Visit us Mon-Fri from 9:00am to 7:30pm
 3825 Market St, Suite 4

Family Therapy

Family therapy is specifically designed for the family as a unit, to help its members learn how specific issues affect the dynamic and functioning of the family as a whole and how to navigate situations that bring imbalance to the relationship between members of that family. The family becomes our patient, the family as a larger unit.

  • Improved communication
  • Reduction of tension and stress within the family
  • Conflict resolution skills
  • Anger management
  • Development of healthy boundaries
  • Enhanced problem-solving skills
  • Greater empathy between family members
  • Cohesion during and after crisis
  • Promotion of honesty and trust
  • Supportive family environment
  • Learning to forgive
  • Reunification
Family in therapy

Common issues:
  • Unexpected sudden changes
  • Financial distress
  • Disagreement about money
  • Experience of traumatic events
  • Grief and loss
  • Substance abuse or addiction
  • Behavioral problems
  • Academic concerns
  • Mental health concerns
  • Chronic illness
  • Infidelity or loss of trust
  • Divorce or separation
  • Blended families experiencing conflict
  • Adjustments
  • Family
  • Emotional distress
  • Siblings rivalry
  • Death of a family member
  • Family member has special needs
  • Infidelity

Family therapy teaches you skills to address conflict with other members of the family. It also serves as a mediation tool when communication between the parties involved has become impossible. This is achieved by exploring underlying concerns that exist within the family and creating and establishing a plan that meets the needs of each and every family member.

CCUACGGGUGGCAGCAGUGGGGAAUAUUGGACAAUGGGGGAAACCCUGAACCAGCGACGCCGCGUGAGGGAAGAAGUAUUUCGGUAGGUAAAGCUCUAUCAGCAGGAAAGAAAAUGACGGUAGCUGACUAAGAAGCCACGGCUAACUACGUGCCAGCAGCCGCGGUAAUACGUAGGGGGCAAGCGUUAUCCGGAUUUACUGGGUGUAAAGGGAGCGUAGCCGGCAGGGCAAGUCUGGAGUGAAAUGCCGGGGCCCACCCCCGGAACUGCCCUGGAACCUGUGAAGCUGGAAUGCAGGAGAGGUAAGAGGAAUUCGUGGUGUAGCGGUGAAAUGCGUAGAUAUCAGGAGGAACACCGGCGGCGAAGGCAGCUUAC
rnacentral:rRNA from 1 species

Key strategies:
  • Use “I” statements
  • Focus on the problem, not the person
  • Give others the benefit of the doubt.
  • Be approachable, friendly and pleasant.
  • Practice real time conversations
  • Keep the conversation going
  • See family interactions as an opportunity for dialogue
  • Acknowledge and listen rather than obey
  • Focus on being happy rather than being right.

Common concepts:
  • Differentiation of self
  • Emotional triangle
  • Family projection process
  • Multigenerational transmission process
  • Emotional cutoff
  • Sibling position
  • Societal emotional process
  • Nuclear family emotional process

Family System
Problem resolution is a collective approach - what happens to one member of a family happens to everyone in the family. Each family member must learn to better understand other members of the family and see how their own actions affect the family unit.


Communication, practices, behaviors, and beliefs between generations explain current problems within the family.
Problems within the family are dysfunctional patterns that need to be change by reorganizing the family system.

There are two counterbalancing forces driving all human interactions: “individuality vs companionship” and “togetherness vs independence”

Family belief systems influence the existing complex relationship patterns between its members and between its members and others.
Specific patterns of interaction that present during therapy are addressed by using creative solutions specific to those problems.